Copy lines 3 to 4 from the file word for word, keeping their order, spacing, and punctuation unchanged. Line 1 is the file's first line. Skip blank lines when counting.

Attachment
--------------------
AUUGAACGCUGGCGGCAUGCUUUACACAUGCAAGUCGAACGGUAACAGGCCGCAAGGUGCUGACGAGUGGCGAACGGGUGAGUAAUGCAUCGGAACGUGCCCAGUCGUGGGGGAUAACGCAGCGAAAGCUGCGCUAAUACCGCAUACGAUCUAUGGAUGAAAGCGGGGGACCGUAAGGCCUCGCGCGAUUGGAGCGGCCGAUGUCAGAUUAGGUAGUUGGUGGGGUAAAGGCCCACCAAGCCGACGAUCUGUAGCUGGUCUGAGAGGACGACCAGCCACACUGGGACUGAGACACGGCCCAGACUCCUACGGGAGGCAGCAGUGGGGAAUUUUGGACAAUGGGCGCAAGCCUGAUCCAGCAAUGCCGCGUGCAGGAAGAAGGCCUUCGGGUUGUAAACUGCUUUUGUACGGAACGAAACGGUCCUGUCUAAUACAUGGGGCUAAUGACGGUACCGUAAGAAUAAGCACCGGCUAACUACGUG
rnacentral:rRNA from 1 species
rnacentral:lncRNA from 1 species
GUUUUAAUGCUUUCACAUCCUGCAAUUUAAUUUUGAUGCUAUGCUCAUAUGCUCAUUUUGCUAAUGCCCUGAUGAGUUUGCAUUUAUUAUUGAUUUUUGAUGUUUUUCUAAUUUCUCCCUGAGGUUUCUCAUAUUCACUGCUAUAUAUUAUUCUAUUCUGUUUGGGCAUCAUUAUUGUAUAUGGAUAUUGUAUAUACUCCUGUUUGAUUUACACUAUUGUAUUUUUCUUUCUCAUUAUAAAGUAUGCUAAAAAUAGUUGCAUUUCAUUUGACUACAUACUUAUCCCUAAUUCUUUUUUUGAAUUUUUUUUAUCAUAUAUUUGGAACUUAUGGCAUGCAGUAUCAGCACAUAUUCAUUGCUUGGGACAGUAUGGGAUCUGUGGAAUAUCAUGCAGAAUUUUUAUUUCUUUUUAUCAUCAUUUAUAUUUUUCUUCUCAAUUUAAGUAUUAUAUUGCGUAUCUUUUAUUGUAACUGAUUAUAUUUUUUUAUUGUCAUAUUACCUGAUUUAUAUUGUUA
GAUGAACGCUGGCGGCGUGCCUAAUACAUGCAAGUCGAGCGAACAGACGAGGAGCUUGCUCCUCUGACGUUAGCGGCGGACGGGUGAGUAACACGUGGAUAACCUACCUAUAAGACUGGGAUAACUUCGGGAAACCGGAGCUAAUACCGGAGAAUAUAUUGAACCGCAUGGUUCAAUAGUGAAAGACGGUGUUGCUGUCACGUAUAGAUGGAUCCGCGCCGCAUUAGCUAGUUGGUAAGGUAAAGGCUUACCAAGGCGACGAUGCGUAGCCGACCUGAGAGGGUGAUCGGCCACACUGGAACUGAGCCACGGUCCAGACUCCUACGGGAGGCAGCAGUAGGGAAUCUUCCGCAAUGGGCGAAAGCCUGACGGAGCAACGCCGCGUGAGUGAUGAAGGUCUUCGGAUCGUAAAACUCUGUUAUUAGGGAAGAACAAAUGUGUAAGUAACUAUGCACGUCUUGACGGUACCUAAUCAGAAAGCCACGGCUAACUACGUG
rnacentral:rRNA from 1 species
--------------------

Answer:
rnacentral:lncRNA from 1 species
GUUUUAAUGCUUUCACAUCCUGCAAUUUAAUUUUGAUGCUAUGCUCAUAUGCUCAUUUUGCUAAUGCCCUGAUGAGUUUGCAUUUAUUAUUGAUUUUUGAUGUUUUUCUAAUUUCUCCCUGAGGUUUCUCAUAUUCACUGCUAUAUAUUAUUCUAUUCUGUUUGGGCAUCAUUAUUGUAUAUGGAUAUUGUAUAUACUCCUGUUUGAUUUACACUAUUGUAUUUUUCUUUCUCAUUAUAAAGUAUGCUAAAAAUAGUUGCAUUUCAUUUGACUACAUACUUAUCCCUAAUUCUUUUUUUGAAUUUUUUUUAUCAUAUAUUUGGAACUUAUGGCAUGCAGUAUCAGCACAUAUUCAUUGCUUGGGACAGUAUGGGAUCUGUGGAAUAUCAUGCAGAAUUUUUAUUUCUUUUUAUCAUCAUUUAUAUUUUUCUUCUCAAUUUAAGUAUUAUAUUGCGUAUCUUUUAUUGUAACUGAUUAUAUUUUUUUAUUGUCAUAUUACCUGAUUUAUAUUGUUA